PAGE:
* Fourth-quarter net income $0.36 vs est. $0.35
* Revenue rises 10 percent to $709 million
* Forecasts FY 2014 EPS $1.20-$1.40 vs est. $1.21
* Raises dividend to 12 cents from 9 cents
* Declares special dividend of 50 cents
By Jed Horowitz
Oct 29 TD Ameritrade Holding Corp, the biggest U.S. discount brokerage by client-trading volume, reported a 40 percent jump in its fiscal fourth-quarter net income that just beat analysts' estimates as both trading commissions and product fees soared.
Shares of TD Ameritrade were down 1.1 percent to $27.62 in afternoon trading on Tuesday. In research reports, some analysts said they were disappointed at the decline in net interest margin during the quarter and the firm's weak interest profit forecast for next year.
Budget and economic policy uncertainty in Washington, nevertheless, stimulated active traders during the quarter, company executives said. At the same time, more conservative investors bought fee-based products such as mutual funds and exchange-traded funds. The quarter ended on Sept. 30, just before the government shutdown.
TD Ameritrade said that market volatility continues to accelerate this month, spurring 419,000 average trades per day among its clients through Oct. 28, compared with 382,000 last quarter and 374,000 for the company's full fiscal year that ended on Sept. 30.
It and other big retail brokerage firms such as Charles Schwab Corp, however, continue to struggle with low interest rates that depress the revenue and profits they glean by investing client assets.
Schwab two weeks ago reported a 17 percent rise in profit on asset-based fee growth, but waived a record $180 million in money-market fund fees so investors would not have negative returns from the funds' near-zero yields. TD Ameritrade is much less active than its competitor in money markets, its CEO said, but continues to struggle with low returns on investments.
The depressed rate climate is likely to continue for another year or two and reflects a still-weak economy and tepid investor confidence, TD Ameritrade executives said in a conference call with analysts on Tuesday morning.
The firm also benefitted from the continuing trend of advisers leaving traditional brokerage firms, going independent and housing client assets and trades at the discount brokerage firms. In fiscal 2013, TD Ameritrade picked up an average of 1.5 new brokers leaving full-service firms each business day, and the sales pipeline "remains robust," Tomczyk said. TD Ameritrade trails Schwab and Fidelity Investments in servicing independent advisers.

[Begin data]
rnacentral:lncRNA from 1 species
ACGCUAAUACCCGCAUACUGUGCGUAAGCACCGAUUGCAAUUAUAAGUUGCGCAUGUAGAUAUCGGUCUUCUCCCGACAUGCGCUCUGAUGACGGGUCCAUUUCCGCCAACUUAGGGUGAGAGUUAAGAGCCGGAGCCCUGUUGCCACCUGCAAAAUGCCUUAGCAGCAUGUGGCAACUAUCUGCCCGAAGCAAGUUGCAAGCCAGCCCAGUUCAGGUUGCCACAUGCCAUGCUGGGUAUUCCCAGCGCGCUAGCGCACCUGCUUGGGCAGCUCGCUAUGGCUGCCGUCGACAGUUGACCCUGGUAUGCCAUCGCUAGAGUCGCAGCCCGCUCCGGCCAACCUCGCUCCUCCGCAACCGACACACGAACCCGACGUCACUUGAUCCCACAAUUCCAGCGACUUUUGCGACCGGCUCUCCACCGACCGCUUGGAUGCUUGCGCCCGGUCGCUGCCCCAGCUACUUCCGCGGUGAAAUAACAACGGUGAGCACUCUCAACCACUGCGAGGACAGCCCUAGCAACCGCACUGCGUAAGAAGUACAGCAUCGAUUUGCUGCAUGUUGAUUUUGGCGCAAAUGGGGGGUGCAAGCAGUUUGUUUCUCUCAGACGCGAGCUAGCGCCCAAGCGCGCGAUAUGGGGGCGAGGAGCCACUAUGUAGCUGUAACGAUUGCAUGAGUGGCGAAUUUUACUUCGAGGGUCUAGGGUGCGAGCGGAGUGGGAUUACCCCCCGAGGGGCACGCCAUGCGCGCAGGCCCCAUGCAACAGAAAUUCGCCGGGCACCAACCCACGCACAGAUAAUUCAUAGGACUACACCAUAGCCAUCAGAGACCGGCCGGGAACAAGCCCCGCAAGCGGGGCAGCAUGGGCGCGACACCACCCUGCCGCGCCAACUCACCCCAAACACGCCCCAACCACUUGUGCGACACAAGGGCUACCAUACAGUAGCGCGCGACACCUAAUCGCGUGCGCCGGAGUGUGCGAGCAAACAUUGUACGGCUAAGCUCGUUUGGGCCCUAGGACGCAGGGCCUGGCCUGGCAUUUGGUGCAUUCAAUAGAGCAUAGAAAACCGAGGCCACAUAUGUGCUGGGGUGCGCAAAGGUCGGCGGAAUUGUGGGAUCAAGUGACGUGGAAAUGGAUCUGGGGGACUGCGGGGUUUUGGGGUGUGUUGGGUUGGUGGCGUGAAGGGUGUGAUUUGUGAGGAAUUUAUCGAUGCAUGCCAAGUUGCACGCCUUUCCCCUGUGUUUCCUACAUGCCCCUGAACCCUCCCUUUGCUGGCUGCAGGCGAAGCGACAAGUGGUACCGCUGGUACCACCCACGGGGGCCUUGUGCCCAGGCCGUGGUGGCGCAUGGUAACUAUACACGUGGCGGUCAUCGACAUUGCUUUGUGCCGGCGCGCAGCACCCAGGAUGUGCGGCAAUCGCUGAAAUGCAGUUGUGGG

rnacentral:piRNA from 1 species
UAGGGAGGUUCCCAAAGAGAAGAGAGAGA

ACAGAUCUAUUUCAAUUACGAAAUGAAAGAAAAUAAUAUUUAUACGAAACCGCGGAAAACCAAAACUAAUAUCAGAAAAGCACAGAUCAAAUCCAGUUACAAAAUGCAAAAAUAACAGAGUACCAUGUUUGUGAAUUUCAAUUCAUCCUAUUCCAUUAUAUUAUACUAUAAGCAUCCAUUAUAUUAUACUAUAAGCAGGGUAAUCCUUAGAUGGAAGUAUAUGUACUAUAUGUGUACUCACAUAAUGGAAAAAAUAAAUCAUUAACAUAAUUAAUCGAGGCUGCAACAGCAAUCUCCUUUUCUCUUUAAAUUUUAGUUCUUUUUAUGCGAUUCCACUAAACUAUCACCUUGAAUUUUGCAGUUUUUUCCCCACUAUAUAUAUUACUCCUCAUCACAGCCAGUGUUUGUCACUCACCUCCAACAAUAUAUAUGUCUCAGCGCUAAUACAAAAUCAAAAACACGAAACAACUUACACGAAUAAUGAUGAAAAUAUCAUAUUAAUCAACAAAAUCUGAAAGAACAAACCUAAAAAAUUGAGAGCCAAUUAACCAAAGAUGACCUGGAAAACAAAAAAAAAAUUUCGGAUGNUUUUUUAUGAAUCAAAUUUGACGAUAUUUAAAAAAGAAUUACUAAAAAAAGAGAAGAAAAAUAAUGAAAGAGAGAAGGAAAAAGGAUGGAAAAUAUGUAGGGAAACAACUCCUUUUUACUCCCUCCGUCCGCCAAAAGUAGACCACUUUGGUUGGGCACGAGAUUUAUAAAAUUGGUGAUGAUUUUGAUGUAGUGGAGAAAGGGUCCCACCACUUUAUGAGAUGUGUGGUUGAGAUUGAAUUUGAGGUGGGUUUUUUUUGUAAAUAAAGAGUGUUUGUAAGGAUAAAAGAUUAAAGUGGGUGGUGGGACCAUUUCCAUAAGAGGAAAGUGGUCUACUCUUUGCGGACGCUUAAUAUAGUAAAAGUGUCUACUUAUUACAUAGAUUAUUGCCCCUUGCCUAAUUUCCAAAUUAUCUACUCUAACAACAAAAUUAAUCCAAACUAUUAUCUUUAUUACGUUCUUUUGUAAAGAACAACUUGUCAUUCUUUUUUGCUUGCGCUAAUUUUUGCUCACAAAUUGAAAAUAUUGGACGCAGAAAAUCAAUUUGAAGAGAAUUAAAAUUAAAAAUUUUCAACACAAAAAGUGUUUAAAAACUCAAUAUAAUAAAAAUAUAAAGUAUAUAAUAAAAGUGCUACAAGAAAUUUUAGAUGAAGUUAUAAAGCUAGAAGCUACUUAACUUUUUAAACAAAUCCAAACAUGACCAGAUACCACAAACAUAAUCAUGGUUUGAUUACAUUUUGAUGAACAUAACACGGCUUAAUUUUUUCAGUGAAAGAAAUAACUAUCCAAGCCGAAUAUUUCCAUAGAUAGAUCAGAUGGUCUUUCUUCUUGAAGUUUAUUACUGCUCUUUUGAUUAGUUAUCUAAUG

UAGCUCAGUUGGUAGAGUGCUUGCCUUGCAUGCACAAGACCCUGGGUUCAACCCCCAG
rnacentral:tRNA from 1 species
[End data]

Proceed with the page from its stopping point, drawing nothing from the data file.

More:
Despite the politically induced boost in volatility and trading volume, executives said they would prefer more fiscal and economic policy certainty, blaming Washington's "crisis-to-crisis" management for restraining the U.S. economy and investor confidence.
"If the economy improves and interest rates go up, it's a lasting and long runway in front of us, whereas volatility won't last forever," TD Ameritrade Chief Executive Fred Tomczyk said.
Active client accounts rose 4 percent to 5.99 million in fiscal 2013. TD Ameritrade shareholders realized a total return of more than 75 percent through dividends and a stock price increase, but Tomczyk warned investors not to count on a repeat performance.
"I don't think you could expect that (return) every year," he said.
The Omaha, Nebraska-based brokerage firm forecast 2014 earnings per share of $1.20 to $1.40 compared with a 15 percent rise to $1.22 in fiscal 2013. That translates to a 14.8 percent increase at the high end and 6.5 percent in the middle of the range.
Net interest margins next year should remain stable to slightly up, the company said. But after five straight years of double-digit growth in gathering assets from clients, the firm projected 2014 new assets growing in a range of 7 to 11 percent.
TD Ameritrade, whose biggest shareholder is Canada's Toronto-Dominion Bank with a 42 percent stake, continues to generate significant cash that it has returned to investors. It raised its dividend to 12 cents a share from 9 cents a share in the fourth quarter, its third-consecutive, annual hike. For the second-consecutive year, it declared a special dividend of 50 cents per share.
The dividends signify that the company, which had its credit rating boosted last quarter by Moody's Investors Service, has strong capital and liquidity and does not see any significant acquisition opportunities on which to spend its cash, Tomczyk said. It also wants to reward current shareholders and attract new ones.
"While the environment is better, we still think that in '14 and '15 you will have a lot of uncertainty," he told Reuters. "A lot of people are looking for yield in this market, and we want to expand the shareholder base."
For the just-ended quarter, TD Ameritrade's net income rose to $200 million, or 36 cents a share, from $143 million a year earlier.
The consensus forecast of analysts surveyed by Thomson Reuters I/B/E/S was for earnings per share of 35 cents.
Net revenue rose 10.3 percent to $709 million while total operating expenses were up 3.6 percent to $430 million. Commissions and transaction fees soard 20 percent to $306 million, while net interest revenue was up 3 percent as the brokerage attracted about $10 billion of net new assets.
TD Ameritrade does not break out revenue or profits of its three main businesses - direct discount brokerage, trading and product sales to clients of independent investment advisers and its investment product fee business.
But Tomczyk said the company plans to add new wrap-fee fund products in 2014 - driving investment product fees up 15 percent to 25 percent - as well as "robust" growth in new independent advisers.